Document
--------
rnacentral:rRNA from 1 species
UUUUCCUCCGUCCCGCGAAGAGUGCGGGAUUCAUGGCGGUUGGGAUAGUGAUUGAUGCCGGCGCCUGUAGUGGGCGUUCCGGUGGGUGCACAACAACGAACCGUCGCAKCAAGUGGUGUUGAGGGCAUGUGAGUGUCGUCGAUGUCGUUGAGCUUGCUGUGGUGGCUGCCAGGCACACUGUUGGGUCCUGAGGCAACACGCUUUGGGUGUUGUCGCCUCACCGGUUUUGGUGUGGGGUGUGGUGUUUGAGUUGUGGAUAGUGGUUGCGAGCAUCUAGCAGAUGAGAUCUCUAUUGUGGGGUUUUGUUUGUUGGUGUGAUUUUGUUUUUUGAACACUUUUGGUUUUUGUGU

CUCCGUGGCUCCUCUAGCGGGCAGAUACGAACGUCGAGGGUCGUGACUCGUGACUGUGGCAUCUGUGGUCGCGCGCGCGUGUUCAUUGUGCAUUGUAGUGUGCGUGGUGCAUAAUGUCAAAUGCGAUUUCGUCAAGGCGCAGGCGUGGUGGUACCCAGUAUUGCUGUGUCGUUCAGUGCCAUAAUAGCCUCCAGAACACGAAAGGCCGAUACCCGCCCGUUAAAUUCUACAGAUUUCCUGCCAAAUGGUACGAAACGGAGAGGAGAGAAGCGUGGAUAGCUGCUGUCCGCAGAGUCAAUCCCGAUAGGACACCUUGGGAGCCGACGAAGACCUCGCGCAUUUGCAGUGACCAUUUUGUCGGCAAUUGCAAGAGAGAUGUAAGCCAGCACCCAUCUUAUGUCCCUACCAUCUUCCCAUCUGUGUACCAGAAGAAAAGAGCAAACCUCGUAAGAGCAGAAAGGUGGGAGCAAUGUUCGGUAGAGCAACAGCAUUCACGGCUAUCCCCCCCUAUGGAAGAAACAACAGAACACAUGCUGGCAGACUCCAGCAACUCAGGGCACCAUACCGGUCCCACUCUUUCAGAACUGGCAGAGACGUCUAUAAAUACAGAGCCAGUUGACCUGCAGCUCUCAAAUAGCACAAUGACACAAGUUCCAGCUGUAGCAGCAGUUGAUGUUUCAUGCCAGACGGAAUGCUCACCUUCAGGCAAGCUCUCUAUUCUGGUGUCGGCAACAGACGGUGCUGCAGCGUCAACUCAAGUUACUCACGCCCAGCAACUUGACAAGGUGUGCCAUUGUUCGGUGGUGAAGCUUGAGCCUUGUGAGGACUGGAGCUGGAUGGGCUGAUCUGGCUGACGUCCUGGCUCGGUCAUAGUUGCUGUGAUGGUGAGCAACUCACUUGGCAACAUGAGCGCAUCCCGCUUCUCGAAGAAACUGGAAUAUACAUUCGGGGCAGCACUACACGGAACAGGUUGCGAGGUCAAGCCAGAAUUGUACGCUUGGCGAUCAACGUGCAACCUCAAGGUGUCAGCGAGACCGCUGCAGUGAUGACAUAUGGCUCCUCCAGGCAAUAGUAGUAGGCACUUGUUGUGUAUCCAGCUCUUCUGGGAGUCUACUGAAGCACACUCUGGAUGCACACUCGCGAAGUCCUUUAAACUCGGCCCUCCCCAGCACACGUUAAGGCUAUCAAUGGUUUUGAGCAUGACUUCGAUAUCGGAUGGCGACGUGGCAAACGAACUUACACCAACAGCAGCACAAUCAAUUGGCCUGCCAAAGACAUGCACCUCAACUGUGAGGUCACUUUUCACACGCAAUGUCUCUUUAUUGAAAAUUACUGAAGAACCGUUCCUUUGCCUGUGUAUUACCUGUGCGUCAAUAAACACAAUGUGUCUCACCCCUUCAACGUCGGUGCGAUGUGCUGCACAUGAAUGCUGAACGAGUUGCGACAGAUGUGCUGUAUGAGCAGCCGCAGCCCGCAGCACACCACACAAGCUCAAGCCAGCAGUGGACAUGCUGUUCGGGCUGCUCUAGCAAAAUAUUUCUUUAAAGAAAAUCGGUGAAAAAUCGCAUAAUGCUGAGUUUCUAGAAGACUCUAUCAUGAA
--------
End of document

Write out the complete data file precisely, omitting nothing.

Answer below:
rnacentral:rRNA from 1 species
UUUUCCUCCGUCCCGCGAAGAGUGCGGGAUUCAUGGCGGUUGGGAUAGUGAUUGAUGCCGGCGCCUGUAGUGGGCGUUCCGGUGGGUGCACAACAACGAACCGUCGCAKCAAGUGGUGUUGAGGGCAUGUGAGUGUCGUCGAUGUCGUUGAGCUUGCUGUGGUGGCUGCCAGGCACACUGUUGGGUCCUGAGGCAACACGCUUUGGGUGUUGUCGCCUCACCGGUUUUGGUGUGGGGUGUGGUGUUUGAGUUGUGGAUAGUGGUUGCGAGCAUCUAGCAGAUGAGAUCUCUAUUGUGGGGUUUUGUUUGUUGGUGUGAUUUUGUUUUUUGAACACUUUUGGUUUUUGUGU

CUCCGUGGCUCCUCUAGCGGGCAGAUACGAACGUCGAGGGUCGUGACUCGUGACUGUGGCAUCUGUGGUCGCGCGCGCGUGUUCAUUGUGCAUUGUAGUGUGCGUGGUGCAUAAUGUCAAAUGCGAUUUCGUCAAGGCGCAGGCGUGGUGGUACCCAGUAUUGCUGUGUCGUUCAGUGCCAUAAUAGCCUCCAGAACACGAAAGGCCGAUACCCGCCCGUUAAAUUCUACAGAUUUCCUGCCAAAUGGUACGAAACGGAGAGGAGAGAAGCGUGGAUAGCUGCUGUCCGCAGAGUCAAUCCCGAUAGGACACCUUGGGAGCCGACGAAGACCUCGCGCAUUUGCAGUGACCAUUUUGUCGGCAAUUGCAAGAGAGAUGUAAGCCAGCACCCAUCUUAUGUCCCUACCAUCUUCCCAUCUGUGUACCAGAAGAAAAGAGCAAACCUCGUAAGAGCAGAAAGGUGGGAGCAAUGUUCGGUAGAGCAACAGCAUUCACGGCUAUCCCCCCCUAUGGAAGAAACAACAGAACACAUGCUGGCAGACUCCAGCAACUCAGGGCACCAUACCGGUCCCACUCUUUCAGAACUGGCAGAGACGUCUAUAAAUACAGAGCCAGUUGACCUGCAGCUCUCAAAUAGCACAAUGACACAAGUUCCAGCUGUAGCAGCAGUUGAUGUUUCAUGCCAGACGGAAUGCUCACCUUCAGGCAAGCUCUCUAUUCUGGUGUCGGCAACAGACGGUGCUGCAGCGUCAACUCAAGUUACUCACGCCCAGCAACUUGACAAGGUGUGCCAUUGUUCGGUGGUGAAGCUUGAGCCUUGUGAGGACUGGAGCUGGAUGGGCUGAUCUGGCUGACGUCCUGGCUCGGUCAUAGUUGCUGUGAUGGUGAGCAACUCACUUGGCAACAUGAGCGCAUCCCGCUUCUCGAAGAAACUGGAAUAUACAUUCGGGGCAGCACUACACGGAACAGGUUGCGAGGUCAAGCCAGAAUUGUACGCUUGGCGAUCAACGUGCAACCUCAAGGUGUCAGCGAGACCGCUGCAGUGAUGACAUAUGGCUCCUCCAGGCAAUAGUAGUAGGCACUUGUUGUGUAUCCAGCUCUUCUGGGAGUCUACUGAAGCACACUCUGGAUGCACACUCGCGAAGUCCUUUAAACUCGGCCCUCCCCAGCACACGUUAAGGCUAUCAAUGGUUUUGAGCAUGACUUCGAUAUCGGAUGGCGACGUGGCAAACGAACUUACACCAACAGCAGCACAAUCAAUUGGCCUGCCAAAGACAUGCACCUCAACUGUGAGGUCACUUUUCACACGCAAUGUCUCUUUAUUGAAAAUUACUGAAGAACCGUUCCUUUGCCUGUGUAUUACCUGUGCGUCAAUAAACACAAUGUGUCUCACCCCUUCAACGUCGGUGCGAUGUGCUGCACAUGAAUGCUGAACGAGUUGCGACAGAUGUGCUGUAUGAGCAGCCGCAGCCCGCAGCACACCACACAAGCUCAAGCCAGCAGUGGACAUGCUGUUCGGGCUGCUCUAGCAAAAUAUUUCUUUAAAGAAAAUCGGUGAAAAAUCGCAUAAUGCUGAGUUUCUAGAAGACUCUAUCAUGAA